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Top Tip 7: Live short-term in a hostel, deal

If contracts aren’t your thing và you’re a bit of a hipster at heart, why not consider renting a hostel bed for a month? I rented a bed in District 1’s Rou Hostel for one month, & at the end of the month I handed over a measly $110 US. The wifi was excellent, the bathrooms clean, the company was pleasant, the beds where huge & the location was prime!

I have also rented a room at the top of a guesthouse. This room was not part of the guesthouse itself, but an extra room that the owners like to rent out for more long-term visitors, and I paid USD $180 a month. I was literally right on the strip, in an alleyway off Bui Vien. For that little stipover my roommate & I got a TV, a big comfy bed, a private bathroom, a tín đồ, a fridge and a balcony for washing clothes. Sweet! Have sầu a wander through Pham Ngu Lao’s back-alleys & vì chưng a bit of wall-watching to find gems like this one.

Top Tip 8: Ask around if they know about affordable rooms for rent

I will never forget the time I sat down to lớn wontons & hủ tiếu thô, và got baông xã up again with a new landlord & a room viewing the next day. I had just started nibbling at my noodles when a man plonked himself down next to lớn me & asked in startlingly good English how long I’d been in the city & what I did. He’d seen me around often, & he wanted to know what the khuyến mãi was!

We got talking và the topic of rooms popped up - I needed a cheap, nice room in town. He asked our street vendor about rooms, they chatted a bit, someone called someone else & everyone spoke in very fast very serious Vietnamese. And, at the kết thúc of it all, he offered me a room with a local woman just two streets over.

Now, I am not stupid. I did not give sầu this man my full name or any liên hệ details other than a phone number, & I did not intover on visiting the room alone with him - I would bring a frikết thúc. Safety first guys.

In the kết thúc I didn’t even get the room because someone else rented it first! But the point I’m trying lớn make is this - talk. Ask people. Ask street vendors if they know anything, ask salon workers, ask that man who tried to clean your shoes even though your ancient sneakers are obviously well beyond the clean-able stage! Ask, & ye shall find.

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Top Tip 9: Make sure you"re registered

Did you know that the dwelling for every foreigner here in Vietnam giới has lớn be registered with the government? And if you’re a foreigner your landlord must also have sầu a special permit to lớn rent to lớn you!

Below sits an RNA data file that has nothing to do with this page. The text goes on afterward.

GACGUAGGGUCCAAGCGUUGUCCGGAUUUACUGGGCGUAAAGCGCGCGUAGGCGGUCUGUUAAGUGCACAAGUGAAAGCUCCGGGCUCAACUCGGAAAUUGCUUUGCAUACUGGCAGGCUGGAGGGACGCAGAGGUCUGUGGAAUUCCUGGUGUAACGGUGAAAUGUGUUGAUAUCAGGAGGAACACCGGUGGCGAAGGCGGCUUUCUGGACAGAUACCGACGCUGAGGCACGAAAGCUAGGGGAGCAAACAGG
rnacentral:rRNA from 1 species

Ok, so I’m pretty sure the owners of my last room had no permit và just paid someone to be quiet because they never took my passport, but legally speaking it is an absolute must! Just make sure that’s dealternative text with when you rent, whether legally or not...

Top Tip 10: Tips khổng lồ make it cheaper

And finally, some sneaky rent-saving tips straight from a professional budgetter lớn you.

- Live above a restaurant - If he is doing it right, the owner already earns enough lớn pay his rent và more, so he can charge you less for your room. Be firm, bargain hard & stvà your ground. You’d be surprised!

- How much for electricity? - Some places charge you as much as VND 5,000/KW which is absolute daylight robbery! The best rate I have sầu found is VND 3,000/KW but the standard is somewhere between VND 3,500/KW & VND 4,000/KW.

- Rent for work - reduce your rent in exchange for English tutoring, help with renovations, cleaning, whatever takes your fancy! Work part-time for your landlord in exchange for lower rates.

- Rent without furniture - Sounds scary but it is totally feasible. Actually, a lot of my Vietnamese friends vì this, & in my last room I did it too. You rent a bare room, và then you buy a mattress & some coat-hangers. The rent is lower & your mattress will cost you a one time fee of up to VND 1,000,000. Mine was VND 110,000, but it’s a very poor excuse for a mattress. I also purchased a stove sầu and a rice-cooker! It’s like camping but in a room.

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- Don’t use your air-bé or TV! - Read a book instead of watching that mindless box, và use a người rather than the air conditioner. It dries your skin out anyway!

Conclusion

This guide lớn renting cheap rooms in Saigon can also be used for those looking for affordable studio or apartments. Please tóm tắt your own tips about finding the perfect place lớn stay by commenting below.